Traditionally, steam locomotives have been used upon the railway; all rolling stock is compatible with the line's Abt system.[2] While diesel locomotives have been in use upon the Schafberg Railway since the 1960s, the railway's management has recognised the merit of continuing to operate steam traction with attracting tourists to the area; accordingly, during 1996, the Schafberg Railway took delivery of multiple new steam locomotives produced by SLM in Winterthur, Switzerland. These newer locomotives, unlike earlier units, have been designed to run on light oil instead of heavier diesel fuel, and can be operated by a single person.[2]

As of 2016, the Schafberg Railway operates a fleet of steam locomotives (both oil and coal fired), two modern Stadler-manufactured diesel locomotives,[6] and a single diesel railcar are in operation. While some of these are relatively recent units dating back to the 1990s, three of the locomotives date back to the earliest days of the Schafberg Railway and thus have been in regular operations for over a century.[2] They are used on special heritage trains that are only run during the summer, while the bulk of the regular services are operated by the railway's oil-fired locomotives instead.[3]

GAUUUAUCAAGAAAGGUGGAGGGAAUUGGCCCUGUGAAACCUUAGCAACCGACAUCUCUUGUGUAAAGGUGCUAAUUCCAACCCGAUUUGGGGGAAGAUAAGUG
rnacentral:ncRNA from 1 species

The steam hauled trains use a fleet of wooden-bodied coaches capable of carrying a maximum of 60 people, while the diesel railcar can transport up to 74 people in a single journey. The journey time between the base station and the summit station is 59 minutes when steam hauled, while a quicker time of 39 minutes can be achieve via diesel railcar.[2] Lok 999.105 pushing a carriage up the railway featured in a short sequence for the 1965 musical feature film The Sound Of Music starring Julie Andrews. Several minutes of footage of the railway were included in the 1987 television movie Christmas with Flicka.[7]

Route